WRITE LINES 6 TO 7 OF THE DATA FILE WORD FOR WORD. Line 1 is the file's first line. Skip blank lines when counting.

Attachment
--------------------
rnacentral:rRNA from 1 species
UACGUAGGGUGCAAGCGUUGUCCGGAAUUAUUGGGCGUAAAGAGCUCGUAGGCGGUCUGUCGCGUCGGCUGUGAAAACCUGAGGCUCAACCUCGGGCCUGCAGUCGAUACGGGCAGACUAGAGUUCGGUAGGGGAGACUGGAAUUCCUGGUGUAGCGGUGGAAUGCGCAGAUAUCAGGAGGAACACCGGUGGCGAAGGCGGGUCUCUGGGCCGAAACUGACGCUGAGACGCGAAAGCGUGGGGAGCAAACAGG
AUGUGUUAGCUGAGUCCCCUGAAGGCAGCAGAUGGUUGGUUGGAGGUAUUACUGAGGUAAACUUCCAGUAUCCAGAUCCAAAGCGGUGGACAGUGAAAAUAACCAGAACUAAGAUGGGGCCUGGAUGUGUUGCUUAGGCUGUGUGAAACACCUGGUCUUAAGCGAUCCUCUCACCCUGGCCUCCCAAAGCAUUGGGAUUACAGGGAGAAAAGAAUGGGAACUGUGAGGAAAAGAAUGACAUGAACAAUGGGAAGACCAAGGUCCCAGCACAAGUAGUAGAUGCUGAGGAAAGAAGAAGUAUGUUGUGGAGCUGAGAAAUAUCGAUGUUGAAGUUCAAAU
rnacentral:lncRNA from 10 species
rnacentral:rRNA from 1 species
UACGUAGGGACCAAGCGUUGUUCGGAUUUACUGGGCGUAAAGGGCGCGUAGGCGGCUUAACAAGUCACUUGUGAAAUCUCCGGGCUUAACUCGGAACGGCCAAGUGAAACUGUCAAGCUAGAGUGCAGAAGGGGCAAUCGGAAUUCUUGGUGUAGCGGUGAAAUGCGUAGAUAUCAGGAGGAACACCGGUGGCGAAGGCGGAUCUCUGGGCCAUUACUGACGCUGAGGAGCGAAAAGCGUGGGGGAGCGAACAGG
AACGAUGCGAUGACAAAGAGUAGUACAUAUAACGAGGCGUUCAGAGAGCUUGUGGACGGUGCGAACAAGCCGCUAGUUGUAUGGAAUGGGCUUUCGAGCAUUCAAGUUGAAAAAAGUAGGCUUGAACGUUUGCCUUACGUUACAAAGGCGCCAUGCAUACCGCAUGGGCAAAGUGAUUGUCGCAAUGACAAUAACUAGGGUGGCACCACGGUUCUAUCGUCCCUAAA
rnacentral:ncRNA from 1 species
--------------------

UACGUAGGGACCAAGCGUUGUUCGGAUUUACUGGGCGUAAAGGGCGCGUAGGCGGCUUAACAAGUCACUUGUGAAAUCUCCGGGCUUAACUCGGAACGGCCAAGUGAAACUGUCAAGCUAGAGUGCAGAAGGGGCAAUCGGAAUUCUUGGUGUAGCGGUGAAAUGCGUAGAUAUCAGGAGGAACACCGGUGGCGAAGGCGGAUCUCUGGGCCAUUACUGACGCUGAGGAGCGAAAAGCGUGGGGGAGCGAACAGG
AACGAUGCGAUGACAAAGAGUAGUACAUAUAACGAGGCGUUCAGAGAGCUUGUGGACGGUGCGAACAAGCCGCUAGUUGUAUGGAAUGGGCUUUCGAGCAUUCAAGUUGAAAAAAGUAGGCUUGAACGUUUGCCUUACGUUACAAAGGCGCCAUGCAUACCGCAUGGGCAAAGUGAUUGUCGCAAUGACAAUAACUAGGGUGGCACCACGGUUCUAUCGUCCCUAAA